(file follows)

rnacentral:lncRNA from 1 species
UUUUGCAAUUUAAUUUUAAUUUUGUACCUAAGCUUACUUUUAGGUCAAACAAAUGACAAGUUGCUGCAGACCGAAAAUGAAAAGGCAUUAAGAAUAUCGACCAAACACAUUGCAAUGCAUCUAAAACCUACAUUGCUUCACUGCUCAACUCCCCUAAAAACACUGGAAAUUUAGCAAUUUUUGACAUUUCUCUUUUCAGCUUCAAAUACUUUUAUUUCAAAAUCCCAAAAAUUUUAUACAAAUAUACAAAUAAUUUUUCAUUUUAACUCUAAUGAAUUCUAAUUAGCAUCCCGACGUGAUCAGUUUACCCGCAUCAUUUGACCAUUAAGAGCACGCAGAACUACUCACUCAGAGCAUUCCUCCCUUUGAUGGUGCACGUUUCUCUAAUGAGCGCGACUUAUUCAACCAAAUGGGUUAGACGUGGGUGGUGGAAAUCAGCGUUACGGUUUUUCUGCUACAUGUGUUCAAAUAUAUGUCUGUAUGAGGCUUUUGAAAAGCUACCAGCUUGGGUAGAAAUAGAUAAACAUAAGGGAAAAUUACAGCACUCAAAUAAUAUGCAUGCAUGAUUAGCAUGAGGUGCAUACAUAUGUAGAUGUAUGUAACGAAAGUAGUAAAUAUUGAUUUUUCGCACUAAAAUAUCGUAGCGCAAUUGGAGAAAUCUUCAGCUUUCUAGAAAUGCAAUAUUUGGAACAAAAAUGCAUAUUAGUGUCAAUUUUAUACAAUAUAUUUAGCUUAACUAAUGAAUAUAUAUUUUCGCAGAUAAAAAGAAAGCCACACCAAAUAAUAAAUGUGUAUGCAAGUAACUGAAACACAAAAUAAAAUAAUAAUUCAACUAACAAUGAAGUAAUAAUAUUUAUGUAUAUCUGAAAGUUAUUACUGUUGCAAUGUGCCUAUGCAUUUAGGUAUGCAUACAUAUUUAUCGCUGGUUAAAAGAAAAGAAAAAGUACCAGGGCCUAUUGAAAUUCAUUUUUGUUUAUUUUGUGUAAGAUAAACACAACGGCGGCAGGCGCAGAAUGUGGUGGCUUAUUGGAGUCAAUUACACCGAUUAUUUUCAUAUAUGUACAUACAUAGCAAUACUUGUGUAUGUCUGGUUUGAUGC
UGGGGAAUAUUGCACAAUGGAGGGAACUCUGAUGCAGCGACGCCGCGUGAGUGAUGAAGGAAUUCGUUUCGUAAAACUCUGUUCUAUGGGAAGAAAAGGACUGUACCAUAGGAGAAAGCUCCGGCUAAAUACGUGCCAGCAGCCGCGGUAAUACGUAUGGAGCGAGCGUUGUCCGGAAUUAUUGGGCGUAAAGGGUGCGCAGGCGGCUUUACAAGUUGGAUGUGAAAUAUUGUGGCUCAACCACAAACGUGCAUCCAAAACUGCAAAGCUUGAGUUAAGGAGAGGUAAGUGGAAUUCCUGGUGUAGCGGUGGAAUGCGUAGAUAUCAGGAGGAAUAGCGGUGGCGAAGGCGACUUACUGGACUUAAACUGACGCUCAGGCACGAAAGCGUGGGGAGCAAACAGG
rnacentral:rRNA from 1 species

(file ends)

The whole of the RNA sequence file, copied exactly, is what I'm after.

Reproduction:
rnacentral:lncRNA from 1 species
UUUUGCAAUUUAAUUUUAAUUUUGUACCUAAGCUUACUUUUAGGUCAAACAAAUGACAAGUUGCUGCAGACCGAAAAUGAAAAGGCAUUAAGAAUAUCGACCAAACACAUUGCAAUGCAUCUAAAACCUACAUUGCUUCACUGCUCAACUCCCCUAAAAACACUGGAAAUUUAGCAAUUUUUGACAUUUCUCUUUUCAGCUUCAAAUACUUUUAUUUCAAAAUCCCAAAAAUUUUAUACAAAUAUACAAAUAAUUUUUCAUUUUAACUCUAAUGAAUUCUAAUUAGCAUCCCGACGUGAUCAGUUUACCCGCAUCAUUUGACCAUUAAGAGCACGCAGAACUACUCACUCAGAGCAUUCCUCCCUUUGAUGGUGCACGUUUCUCUAAUGAGCGCGACUUAUUCAACCAAAUGGGUUAGACGUGGGUGGUGGAAAUCAGCGUUACGGUUUUUCUGCUACAUGUGUUCAAAUAUAUGUCUGUAUGAGGCUUUUGAAAAGCUACCAGCUUGGGUAGAAAUAGAUAAACAUAAGGGAAAAUUACAGCACUCAAAUAAUAUGCAUGCAUGAUUAGCAUGAGGUGCAUACAUAUGUAGAUGUAUGUAACGAAAGUAGUAAAUAUUGAUUUUUCGCACUAAAAUAUCGUAGCGCAAUUGGAGAAAUCUUCAGCUUUCUAGAAAUGCAAUAUUUGGAACAAAAAUGCAUAUUAGUGUCAAUUUUAUACAAUAUAUUUAGCUUAACUAAUGAAUAUAUAUUUUCGCAGAUAAAAAGAAAGCCACACCAAAUAAUAAAUGUGUAUGCAAGUAACUGAAACACAAAAUAAAAUAAUAAUUCAACUAACAAUGAAGUAAUAAUAUUUAUGUAUAUCUGAAAGUUAUUACUGUUGCAAUGUGCCUAUGCAUUUAGGUAUGCAUACAUAUUUAUCGCUGGUUAAAAGAAAAGAAAAAGUACCAGGGCCUAUUGAAAUUCAUUUUUGUUUAUUUUGUGUAAGAUAAACACAACGGCGGCAGGCGCAGAAUGUGGUGGCUUAUUGGAGUCAAUUACACCGAUUAUUUUCAUAUAUGUACAUACAUAGCAAUACUUGUGUAUGUCUGGUUUGAUGC
UGGGGAAUAUUGCACAAUGGAGGGAACUCUGAUGCAGCGACGCCGCGUGAGUGAUGAAGGAAUUCGUUUCGUAAAACUCUGUUCUAUGGGAAGAAAAGGACUGUACCAUAGGAGAAAGCUCCGGCUAAAUACGUGCCAGCAGCCGCGGUAAUACGUAUGGAGCGAGCGUUGUCCGGAAUUAUUGGGCGUAAAGGGUGCGCAGGCGGCUUUACAAGUUGGAUGUGAAAUAUUGUGGCUCAACCACAAACGUGCAUCCAAAACUGCAAAGCUUGAGUUAAGGAGAGGUAAGUGGAAUUCCUGGUGUAGCGGUGGAAUGCGUAGAUAUCAGGAGGAAUAGCGGUGGCGAAGGCGACUUACUGGACUUAAACUGACGCUCAGGCACGAAAGCGUGGGGAGCAAACAGG
rnacentral:rRNA from 1 species